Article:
By Jeff Goins, Editor
I don’t particularly care for Christian pop music. While tremendous strides have been made in the past 10 years to make Christian art much more relevant and excellent, I still find much of it to be rote and cliche. Not only does it seem that many Christian music groups borrow creativity from the secular recording industry (in many cases, these are blatant rip-offs), but they have even inherited the ego and hunger for stardom that accompanies many of their peers.
That’s why when a band like 1000 Generations comes along, it’s a breath of fresh air. With Christian music moving more and more towards becoming a facsimile of mainstream music (complete with ridiculous style sense and bravado), it’s refreshing to find a band who considers their music not only an art and a job, but also a ministry.
Last year, after a day filled with laborious interviews, clever faith-based cliches, and all the Christian subculture “fluff”, I was ready to call it a day. Waiting in the lobby of the Nashville Convention Center for my final interview, my exhaustion gave way to frustration. I was tired. I even considered bailing on my last interview .But then, Steven, Amanda, Lorin, and Alain showed up.
We did the typical question-and-answer deal that’s pretty much obligatory for this sort of meeting, but then they did something different. They began asking me questions — about my job, my personal life, how I was adjusting to marriage, and so on. What impressed me most about 1000 Generations was that they not only listened to what I had to say, but they actually cared. They nodded with empathy, smiled when I cracked a joke, and winced when I told them about something painful in my past. They prayed for me as our interview came to a close and sent me a handwritten “thank-you” note a week later. While bands like these are not completely unheard of in Christian music, they certainly seem to be the exception to the rule lately.
The name 1000 Generations comes from the group’s desire to fulfill a promise that God makes in Deuteronomy 5:10: “showing love to a thousand generations of those who love me and keep my commandments.” Face it: you have to love this band, if for no other reason than quoting a verse from Deuteronomy. That takes guts. (At least it wasn’t Leviticus.)
“We’ve all been touched by God,” Steven explained the vision for 1000 Generations. “We’ve been ‘wrecked for the ordinary.’ And we really believe that once we’re wrecked for the ordinary, that our kids will be wrecked for the ordinary, and their kids will be wrecked for the ordinary, and… on down the line… We just really believe that when we have encounters with God — when life change happens — it changes [our lives], and it changes the generations that ensue.”
Getting started with a Casio keyboard when he was 8, Steven has an interesting musical background, touring with the likes of Livingston Taylor (James Taylor’s brother) and pursuing a mainstream musical career that was essentially ruined when he came to know Christ. “My life’s forever changed. Everything that I had planned… it all got totally wrecked, and it’s been amazing.”
During our interview, Steven and Amanda shared how they started the band as a married couple and began to see the need to grow and take their ministry on the road. Initially, 1000 Generations was just the two of them, but after writing and recording their first album, they quickly realized that they couldn’t replicate their sound live.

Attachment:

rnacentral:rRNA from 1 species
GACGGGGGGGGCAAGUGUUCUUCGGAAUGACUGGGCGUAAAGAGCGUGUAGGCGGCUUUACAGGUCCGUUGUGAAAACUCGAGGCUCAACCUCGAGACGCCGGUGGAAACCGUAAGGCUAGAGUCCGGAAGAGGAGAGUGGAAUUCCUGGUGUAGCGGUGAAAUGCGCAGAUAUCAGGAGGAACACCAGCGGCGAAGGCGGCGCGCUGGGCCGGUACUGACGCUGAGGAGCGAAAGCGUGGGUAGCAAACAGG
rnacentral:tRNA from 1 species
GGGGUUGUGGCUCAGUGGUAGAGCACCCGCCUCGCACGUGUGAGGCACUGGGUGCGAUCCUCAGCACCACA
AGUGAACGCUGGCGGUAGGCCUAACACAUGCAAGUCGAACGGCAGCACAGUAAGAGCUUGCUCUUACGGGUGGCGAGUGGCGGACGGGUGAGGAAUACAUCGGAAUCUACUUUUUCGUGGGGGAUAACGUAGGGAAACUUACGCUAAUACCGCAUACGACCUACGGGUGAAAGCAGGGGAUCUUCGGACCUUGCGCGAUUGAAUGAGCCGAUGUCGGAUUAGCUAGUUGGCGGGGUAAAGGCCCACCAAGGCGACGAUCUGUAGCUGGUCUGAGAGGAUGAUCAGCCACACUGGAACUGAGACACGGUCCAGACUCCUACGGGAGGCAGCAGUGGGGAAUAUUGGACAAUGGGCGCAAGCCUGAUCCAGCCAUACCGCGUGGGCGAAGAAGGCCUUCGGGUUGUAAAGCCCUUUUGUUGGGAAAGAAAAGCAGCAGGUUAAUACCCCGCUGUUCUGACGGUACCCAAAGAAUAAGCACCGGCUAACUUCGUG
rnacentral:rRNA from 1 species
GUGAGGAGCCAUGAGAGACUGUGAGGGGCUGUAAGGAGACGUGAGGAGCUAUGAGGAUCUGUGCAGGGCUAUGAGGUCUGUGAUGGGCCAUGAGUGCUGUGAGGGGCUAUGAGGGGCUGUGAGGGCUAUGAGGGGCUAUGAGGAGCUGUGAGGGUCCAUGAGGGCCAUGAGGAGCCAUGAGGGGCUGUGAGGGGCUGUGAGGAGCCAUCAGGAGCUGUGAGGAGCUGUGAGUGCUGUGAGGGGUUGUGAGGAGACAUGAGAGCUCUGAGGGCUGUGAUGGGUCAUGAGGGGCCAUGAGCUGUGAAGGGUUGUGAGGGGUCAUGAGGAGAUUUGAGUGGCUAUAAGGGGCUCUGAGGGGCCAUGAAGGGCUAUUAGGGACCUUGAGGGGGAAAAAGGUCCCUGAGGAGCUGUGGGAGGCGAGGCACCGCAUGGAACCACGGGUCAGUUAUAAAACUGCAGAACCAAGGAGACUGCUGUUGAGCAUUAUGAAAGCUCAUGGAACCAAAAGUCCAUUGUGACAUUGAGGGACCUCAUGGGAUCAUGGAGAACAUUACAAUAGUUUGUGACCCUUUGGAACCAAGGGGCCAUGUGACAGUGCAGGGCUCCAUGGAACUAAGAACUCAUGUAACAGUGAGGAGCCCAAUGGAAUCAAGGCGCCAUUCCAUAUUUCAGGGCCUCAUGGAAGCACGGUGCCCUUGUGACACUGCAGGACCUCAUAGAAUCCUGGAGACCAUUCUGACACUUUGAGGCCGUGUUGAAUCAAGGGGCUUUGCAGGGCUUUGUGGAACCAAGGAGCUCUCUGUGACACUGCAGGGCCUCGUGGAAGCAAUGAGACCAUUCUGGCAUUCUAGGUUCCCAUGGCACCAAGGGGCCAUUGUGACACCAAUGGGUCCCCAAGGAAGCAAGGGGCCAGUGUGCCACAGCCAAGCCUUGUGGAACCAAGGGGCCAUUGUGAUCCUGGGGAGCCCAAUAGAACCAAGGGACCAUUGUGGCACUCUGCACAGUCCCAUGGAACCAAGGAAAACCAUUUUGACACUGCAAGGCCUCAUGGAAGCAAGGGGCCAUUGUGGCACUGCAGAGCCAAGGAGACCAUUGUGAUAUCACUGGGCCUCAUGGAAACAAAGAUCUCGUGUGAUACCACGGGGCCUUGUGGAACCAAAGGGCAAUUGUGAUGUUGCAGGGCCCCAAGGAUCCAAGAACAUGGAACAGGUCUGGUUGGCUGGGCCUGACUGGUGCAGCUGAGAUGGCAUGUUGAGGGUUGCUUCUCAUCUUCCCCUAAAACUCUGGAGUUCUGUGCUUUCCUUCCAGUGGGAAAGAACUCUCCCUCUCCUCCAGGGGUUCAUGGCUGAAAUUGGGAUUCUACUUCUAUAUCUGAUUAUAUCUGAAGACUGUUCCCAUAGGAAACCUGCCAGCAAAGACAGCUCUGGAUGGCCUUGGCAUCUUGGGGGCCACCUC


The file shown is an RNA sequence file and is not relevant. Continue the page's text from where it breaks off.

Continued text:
They added Lorin and Alain to the band and began touring, taking their responsibility as both musicians and ministers seriously. “The truth of it is that our whole purpose is to connect with other people… We feel way more comfortable praying for people than being interviewed.”
1000 Generations reads every email, answers every comment, and loves to connect with their fans and future fans in a variety of personal ways. It’s not surprising that a band like this would write a song called, “How Big Small Can Be,” which was a title that immediately caught my attention when I first listened to their recent album release Turn Off the Lesser Lights.
“I’ve been a part of a lot of calls to social justice where I see really daunting statistics given,” Amanda shared. “We can feel like our efforts are going to be completely useless. And a lot of times we’re paralyzed as a result, because we know we can’t change everything, so we don’t do anything. ‘How Big Small Can Be’ talks just about that. If everybody just did something, those seemingly small efforts would be so huge in God’s kingdom.”
This vision is what drives 1000 Generations and is evident when you meet them. In addition to each person sponsoring a child and advocating for the usual slew of nonprofit organizations, they are truly making a big difference through small, meaningful acts that show that they care far more for people than for fame.
And that’s what was so refreshing about them.
I was so inspired by 1000 Generations and the idea of “How Big Small Can Be” that I wrote another article about social justice issues and the impact of small efforts to change the world. You can read it here.
For a taste of their music, here’s a music video of their single “Fail Us Not”:
Share Your Story of Brokenness and Hope at Failusnot.com.
Jeff graduated from Illinois College, a small liberal arts school, with a degree in Spanish and Religion. He lives in Nashville, TN. He works for Adventures In Missions, edits this silly little magazine, and loves to do new things. He just got married in January. Check out his blog: Pilgrimage of the Heart.